Judge Schweikert says he plans to make an appropriate adjustment to the resti tution amounts when each returns to court later this year for status reports.
For now, though, I want them to think about that $167,000, the judge says.
Some defense attorneys believe these sentences prove that both the prosecutor's office and some common pleas judges have been influenced by the international attention that Cincinnati's riots received.
Many of the charges were harsher than they had to be, says William Gallagher, head of the board of directors for the Greater Cincinnati Association of Criminal Defense Lawyers.
This group, along with the Greater Cincinnati Black Lawyers Association, worked to provide free defense for some of those charged with riot felonies.
Judges are refusing to consider plea agreements. By doing so, it creates a whole class of people who aren't being treated fairly, Mr. Gallagher says.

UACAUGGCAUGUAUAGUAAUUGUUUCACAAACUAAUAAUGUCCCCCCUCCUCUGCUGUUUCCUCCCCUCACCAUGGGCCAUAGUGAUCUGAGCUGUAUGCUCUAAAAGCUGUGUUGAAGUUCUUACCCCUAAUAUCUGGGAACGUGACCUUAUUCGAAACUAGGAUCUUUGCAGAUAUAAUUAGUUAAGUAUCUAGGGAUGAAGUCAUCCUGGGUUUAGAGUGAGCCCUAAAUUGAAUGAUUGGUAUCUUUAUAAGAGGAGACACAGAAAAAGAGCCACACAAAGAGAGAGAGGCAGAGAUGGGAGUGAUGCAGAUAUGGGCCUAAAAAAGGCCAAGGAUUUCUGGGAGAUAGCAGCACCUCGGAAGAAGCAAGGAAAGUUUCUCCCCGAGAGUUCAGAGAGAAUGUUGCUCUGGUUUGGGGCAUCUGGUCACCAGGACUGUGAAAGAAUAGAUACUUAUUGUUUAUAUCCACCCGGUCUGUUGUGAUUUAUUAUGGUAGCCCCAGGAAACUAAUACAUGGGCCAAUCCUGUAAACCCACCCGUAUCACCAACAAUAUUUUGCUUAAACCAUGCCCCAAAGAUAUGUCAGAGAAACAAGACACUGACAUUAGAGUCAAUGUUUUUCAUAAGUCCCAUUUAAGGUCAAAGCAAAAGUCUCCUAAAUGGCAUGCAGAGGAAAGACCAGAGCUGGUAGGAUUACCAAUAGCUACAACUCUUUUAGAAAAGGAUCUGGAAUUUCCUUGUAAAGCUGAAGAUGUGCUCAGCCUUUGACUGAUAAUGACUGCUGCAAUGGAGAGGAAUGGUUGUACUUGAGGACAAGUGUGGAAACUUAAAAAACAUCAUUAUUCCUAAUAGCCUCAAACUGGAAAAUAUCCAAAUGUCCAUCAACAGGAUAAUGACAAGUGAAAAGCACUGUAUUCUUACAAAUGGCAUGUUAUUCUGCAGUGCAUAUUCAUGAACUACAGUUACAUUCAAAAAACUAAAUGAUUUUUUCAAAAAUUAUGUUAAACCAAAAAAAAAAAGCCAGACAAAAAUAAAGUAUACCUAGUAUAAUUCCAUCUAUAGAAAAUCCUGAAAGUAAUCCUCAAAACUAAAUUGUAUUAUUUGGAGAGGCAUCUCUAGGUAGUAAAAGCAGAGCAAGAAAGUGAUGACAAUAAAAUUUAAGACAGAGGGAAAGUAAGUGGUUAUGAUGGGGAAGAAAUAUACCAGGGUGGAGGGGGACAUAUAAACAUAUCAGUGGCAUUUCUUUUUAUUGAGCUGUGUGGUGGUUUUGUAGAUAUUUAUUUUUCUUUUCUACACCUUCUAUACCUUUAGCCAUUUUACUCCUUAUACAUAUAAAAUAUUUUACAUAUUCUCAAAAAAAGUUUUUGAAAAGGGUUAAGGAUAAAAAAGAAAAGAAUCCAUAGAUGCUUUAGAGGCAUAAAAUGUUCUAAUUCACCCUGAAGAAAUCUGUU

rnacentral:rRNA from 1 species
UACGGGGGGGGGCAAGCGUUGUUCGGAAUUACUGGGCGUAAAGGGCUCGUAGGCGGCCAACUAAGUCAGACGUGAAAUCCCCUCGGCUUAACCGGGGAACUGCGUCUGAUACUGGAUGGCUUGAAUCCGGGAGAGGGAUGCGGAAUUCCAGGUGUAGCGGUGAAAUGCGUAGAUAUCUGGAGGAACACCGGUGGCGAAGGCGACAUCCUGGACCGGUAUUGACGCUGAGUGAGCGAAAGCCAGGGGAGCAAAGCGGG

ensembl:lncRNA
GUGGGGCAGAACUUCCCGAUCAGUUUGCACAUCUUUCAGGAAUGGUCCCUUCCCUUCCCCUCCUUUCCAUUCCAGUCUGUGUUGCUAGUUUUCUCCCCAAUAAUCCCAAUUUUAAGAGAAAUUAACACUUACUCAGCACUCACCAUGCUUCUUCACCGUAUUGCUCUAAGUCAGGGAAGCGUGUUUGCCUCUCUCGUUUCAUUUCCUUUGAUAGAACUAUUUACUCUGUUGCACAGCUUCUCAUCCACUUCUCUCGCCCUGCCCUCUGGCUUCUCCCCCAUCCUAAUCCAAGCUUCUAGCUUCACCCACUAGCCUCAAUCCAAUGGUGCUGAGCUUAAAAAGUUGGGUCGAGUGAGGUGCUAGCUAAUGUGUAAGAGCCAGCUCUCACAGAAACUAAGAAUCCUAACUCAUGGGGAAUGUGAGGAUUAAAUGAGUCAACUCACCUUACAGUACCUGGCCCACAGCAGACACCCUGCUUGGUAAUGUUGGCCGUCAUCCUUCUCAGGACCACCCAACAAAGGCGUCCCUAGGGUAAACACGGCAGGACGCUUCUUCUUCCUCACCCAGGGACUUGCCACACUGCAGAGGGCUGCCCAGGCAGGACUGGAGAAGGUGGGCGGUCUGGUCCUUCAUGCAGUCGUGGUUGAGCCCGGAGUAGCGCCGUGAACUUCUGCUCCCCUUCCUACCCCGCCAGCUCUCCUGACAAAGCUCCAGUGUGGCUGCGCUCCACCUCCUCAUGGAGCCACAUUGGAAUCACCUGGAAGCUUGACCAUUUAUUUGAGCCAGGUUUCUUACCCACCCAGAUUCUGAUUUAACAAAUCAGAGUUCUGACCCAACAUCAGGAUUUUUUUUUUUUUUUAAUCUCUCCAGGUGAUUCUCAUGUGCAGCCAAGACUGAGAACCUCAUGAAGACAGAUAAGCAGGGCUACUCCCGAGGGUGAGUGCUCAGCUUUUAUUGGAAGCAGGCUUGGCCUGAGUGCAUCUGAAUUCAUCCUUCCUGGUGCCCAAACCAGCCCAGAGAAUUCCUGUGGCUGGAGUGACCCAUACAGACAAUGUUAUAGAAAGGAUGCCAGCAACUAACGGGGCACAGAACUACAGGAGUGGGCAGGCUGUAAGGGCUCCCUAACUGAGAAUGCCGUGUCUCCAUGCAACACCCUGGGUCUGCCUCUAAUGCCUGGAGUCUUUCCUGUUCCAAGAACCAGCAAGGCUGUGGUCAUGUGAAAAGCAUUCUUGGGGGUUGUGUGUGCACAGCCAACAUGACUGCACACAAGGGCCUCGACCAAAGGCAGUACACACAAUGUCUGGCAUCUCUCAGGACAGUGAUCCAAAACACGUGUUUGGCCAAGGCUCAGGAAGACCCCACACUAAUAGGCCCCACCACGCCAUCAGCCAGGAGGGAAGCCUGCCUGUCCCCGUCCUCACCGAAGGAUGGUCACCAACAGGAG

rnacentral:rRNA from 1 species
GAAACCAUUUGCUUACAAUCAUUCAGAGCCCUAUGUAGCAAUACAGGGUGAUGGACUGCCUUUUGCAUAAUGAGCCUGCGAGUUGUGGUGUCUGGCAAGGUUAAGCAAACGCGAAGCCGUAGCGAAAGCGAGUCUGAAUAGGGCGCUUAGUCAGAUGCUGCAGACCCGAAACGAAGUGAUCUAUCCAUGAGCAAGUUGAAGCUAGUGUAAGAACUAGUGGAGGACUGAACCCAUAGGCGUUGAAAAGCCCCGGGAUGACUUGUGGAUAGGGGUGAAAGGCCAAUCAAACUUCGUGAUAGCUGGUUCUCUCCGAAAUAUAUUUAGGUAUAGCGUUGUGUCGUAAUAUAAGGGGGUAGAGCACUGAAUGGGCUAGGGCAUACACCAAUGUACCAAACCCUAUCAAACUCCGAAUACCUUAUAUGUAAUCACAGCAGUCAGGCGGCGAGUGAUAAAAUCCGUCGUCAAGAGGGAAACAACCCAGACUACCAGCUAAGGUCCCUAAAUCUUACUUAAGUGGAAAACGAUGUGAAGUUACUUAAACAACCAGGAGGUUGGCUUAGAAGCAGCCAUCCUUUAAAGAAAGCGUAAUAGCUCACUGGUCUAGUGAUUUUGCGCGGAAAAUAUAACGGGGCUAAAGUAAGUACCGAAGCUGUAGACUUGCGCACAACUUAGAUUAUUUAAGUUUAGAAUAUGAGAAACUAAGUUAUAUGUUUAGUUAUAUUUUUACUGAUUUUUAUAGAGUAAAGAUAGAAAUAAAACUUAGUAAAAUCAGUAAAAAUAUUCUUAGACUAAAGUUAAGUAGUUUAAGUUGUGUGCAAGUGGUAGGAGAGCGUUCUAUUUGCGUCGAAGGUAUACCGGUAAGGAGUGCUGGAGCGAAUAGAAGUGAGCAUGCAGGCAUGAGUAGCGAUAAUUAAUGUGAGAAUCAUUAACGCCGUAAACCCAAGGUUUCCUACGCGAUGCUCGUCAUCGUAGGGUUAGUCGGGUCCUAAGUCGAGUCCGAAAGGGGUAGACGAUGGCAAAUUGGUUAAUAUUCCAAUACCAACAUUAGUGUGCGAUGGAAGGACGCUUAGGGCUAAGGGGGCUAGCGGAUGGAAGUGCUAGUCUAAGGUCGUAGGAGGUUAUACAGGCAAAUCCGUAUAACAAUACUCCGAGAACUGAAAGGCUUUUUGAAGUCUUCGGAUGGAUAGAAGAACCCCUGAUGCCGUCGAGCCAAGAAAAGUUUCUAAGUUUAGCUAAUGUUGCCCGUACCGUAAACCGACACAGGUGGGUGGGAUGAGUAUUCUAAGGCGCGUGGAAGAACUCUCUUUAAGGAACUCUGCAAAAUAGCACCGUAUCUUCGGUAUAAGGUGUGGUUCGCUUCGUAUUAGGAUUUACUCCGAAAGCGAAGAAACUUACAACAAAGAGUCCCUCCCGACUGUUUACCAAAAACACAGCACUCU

He cites the case of James W. Clark, 22, of Cumminsville, who was charged with breaking and entering.
Appearing before Hamilton County Common Pleas Judge Robert P. Ruehlman, Mr. Clark's attorney offered a plea agreement, which the judge rejected.
Judge Ruehlman says he didn't want to be locked into sentencing that the plea agreement offered.
(Mr. Clark) was willing to plead and would have spent time in prison based on the plea, but I wanted everything to be fair, the judge says. For Mr. Clark, things turned out better that way.
On May 31, a jury acquitted him of the more serious felony, which could have landed him in prison up to a year, and convicted him of misdemeanor criminal damaging.
He was sentenced to the maximum 30 days in jail and released on time served. He also was ordered to pay court costs.
Posting $20,000 bond
Besides the 66 felonies in Common Pleas Court, there were more than 800 arrests for misdemeanors, crimes that lack the serious nature of the felonies. These lesser charges included curfew violation, criminal trespass and disorderly conduct.
Initially, there were complaints that bonds were being set too high.